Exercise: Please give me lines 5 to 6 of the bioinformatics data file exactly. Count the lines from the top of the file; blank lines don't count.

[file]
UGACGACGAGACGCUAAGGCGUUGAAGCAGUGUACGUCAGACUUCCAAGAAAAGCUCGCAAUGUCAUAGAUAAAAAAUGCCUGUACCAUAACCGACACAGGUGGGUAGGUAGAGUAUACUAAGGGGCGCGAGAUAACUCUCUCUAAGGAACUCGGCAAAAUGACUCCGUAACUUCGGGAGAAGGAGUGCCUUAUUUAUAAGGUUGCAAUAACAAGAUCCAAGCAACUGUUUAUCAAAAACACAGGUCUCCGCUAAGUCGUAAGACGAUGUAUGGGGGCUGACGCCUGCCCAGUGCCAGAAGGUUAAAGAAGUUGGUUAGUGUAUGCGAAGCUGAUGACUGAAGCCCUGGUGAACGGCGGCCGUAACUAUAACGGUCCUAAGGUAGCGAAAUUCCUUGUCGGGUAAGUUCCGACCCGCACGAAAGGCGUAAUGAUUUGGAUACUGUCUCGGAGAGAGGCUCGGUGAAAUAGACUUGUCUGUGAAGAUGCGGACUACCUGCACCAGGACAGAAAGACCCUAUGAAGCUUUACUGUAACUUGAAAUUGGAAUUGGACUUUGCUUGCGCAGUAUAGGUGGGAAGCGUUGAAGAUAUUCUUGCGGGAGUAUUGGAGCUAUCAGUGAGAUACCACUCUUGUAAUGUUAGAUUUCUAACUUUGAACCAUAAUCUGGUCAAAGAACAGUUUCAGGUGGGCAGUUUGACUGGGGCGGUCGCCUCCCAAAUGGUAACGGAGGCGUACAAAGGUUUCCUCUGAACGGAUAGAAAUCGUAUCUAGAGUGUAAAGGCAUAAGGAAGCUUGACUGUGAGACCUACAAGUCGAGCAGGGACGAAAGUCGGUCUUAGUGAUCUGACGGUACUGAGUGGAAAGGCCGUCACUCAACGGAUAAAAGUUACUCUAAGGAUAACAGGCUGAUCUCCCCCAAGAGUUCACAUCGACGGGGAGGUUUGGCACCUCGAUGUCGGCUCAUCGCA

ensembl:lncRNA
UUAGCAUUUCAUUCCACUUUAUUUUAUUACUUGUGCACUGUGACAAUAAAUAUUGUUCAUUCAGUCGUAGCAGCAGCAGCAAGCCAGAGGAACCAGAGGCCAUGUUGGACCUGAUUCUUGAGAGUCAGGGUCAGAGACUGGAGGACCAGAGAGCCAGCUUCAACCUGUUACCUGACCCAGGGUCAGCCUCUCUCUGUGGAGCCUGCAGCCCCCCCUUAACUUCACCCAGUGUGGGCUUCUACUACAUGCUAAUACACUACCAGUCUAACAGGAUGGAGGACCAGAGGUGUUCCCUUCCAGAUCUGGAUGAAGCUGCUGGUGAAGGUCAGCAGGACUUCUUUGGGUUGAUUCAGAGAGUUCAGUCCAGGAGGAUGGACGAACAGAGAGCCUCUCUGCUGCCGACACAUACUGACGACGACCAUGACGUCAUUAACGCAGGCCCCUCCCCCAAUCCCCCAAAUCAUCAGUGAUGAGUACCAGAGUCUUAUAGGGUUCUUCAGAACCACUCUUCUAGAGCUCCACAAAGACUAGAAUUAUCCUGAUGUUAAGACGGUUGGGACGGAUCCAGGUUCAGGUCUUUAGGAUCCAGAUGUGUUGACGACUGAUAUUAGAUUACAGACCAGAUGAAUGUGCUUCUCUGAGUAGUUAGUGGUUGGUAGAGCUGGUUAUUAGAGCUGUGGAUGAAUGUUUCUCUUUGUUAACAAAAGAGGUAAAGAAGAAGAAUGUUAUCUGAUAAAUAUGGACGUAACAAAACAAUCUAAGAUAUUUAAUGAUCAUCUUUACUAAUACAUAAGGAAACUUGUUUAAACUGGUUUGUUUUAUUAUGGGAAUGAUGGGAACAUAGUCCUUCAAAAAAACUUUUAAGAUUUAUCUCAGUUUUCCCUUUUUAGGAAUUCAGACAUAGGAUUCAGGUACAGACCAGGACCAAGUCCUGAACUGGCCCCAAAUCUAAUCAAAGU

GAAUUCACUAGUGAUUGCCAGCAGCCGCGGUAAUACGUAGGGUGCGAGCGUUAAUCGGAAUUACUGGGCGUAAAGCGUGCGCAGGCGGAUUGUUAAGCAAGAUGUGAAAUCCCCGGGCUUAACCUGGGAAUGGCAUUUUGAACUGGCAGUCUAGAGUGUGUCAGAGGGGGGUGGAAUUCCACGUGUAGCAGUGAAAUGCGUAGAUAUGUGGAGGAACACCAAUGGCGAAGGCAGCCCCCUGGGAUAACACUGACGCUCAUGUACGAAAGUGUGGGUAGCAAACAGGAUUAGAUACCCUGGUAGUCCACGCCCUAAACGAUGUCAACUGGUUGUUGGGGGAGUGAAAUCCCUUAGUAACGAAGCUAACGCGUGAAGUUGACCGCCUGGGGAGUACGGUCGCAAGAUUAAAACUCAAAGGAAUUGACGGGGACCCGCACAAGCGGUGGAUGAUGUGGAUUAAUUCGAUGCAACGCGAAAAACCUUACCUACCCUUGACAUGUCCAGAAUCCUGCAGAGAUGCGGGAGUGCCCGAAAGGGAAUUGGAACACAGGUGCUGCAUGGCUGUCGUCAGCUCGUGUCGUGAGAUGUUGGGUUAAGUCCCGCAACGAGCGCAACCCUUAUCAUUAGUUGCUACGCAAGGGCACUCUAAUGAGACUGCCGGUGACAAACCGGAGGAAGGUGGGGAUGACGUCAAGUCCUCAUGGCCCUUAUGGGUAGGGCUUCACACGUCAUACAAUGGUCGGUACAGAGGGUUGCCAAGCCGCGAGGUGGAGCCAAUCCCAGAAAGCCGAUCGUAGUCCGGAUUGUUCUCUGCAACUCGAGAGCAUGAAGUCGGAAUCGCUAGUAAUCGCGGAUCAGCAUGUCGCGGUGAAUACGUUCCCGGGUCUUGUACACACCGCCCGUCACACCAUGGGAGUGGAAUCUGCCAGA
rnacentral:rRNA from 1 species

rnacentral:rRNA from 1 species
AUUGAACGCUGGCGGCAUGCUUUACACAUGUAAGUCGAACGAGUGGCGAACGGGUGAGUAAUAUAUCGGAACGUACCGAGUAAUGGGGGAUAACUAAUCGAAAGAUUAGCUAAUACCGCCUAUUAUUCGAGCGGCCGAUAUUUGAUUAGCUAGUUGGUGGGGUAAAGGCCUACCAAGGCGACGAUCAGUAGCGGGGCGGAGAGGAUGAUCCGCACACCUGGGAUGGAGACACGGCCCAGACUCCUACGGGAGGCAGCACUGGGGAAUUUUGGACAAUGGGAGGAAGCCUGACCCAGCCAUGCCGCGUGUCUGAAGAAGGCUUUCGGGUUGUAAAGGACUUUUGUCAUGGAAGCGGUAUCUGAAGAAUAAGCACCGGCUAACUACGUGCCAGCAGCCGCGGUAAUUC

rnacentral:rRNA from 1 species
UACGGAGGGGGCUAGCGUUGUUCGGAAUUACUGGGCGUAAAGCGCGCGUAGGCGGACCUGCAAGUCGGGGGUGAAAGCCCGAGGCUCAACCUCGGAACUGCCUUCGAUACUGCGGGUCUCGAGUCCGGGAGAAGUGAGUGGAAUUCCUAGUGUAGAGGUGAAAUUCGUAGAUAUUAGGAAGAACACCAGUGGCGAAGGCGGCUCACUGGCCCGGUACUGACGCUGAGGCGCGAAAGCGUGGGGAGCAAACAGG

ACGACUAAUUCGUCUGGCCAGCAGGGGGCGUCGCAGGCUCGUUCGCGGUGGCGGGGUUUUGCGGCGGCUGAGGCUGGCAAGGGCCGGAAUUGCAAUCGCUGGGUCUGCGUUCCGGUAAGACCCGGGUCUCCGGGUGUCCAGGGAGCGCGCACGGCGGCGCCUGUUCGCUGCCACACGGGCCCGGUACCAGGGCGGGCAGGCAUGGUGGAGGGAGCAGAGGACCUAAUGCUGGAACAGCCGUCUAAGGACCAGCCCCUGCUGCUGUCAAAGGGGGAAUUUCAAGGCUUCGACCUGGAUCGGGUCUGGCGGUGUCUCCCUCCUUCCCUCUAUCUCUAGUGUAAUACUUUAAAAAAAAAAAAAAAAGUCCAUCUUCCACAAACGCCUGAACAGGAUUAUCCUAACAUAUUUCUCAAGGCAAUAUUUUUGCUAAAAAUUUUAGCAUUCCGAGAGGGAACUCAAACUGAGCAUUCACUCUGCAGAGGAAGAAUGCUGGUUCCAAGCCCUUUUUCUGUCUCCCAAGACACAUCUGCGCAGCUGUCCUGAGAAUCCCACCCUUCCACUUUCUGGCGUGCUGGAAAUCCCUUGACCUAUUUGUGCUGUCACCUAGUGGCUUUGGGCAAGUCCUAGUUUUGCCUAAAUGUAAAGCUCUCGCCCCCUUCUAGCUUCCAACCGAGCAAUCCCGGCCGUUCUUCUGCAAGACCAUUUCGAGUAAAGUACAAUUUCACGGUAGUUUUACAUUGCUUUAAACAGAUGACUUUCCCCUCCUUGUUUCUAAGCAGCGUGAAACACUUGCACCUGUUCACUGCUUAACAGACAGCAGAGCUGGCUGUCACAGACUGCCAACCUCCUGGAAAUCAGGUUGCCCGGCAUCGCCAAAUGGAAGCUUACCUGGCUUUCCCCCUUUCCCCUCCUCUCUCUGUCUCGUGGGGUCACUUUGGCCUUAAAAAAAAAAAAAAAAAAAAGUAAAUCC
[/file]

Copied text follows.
rnacentral:rRNA from 1 species

rnacentral:rRNA from 1 species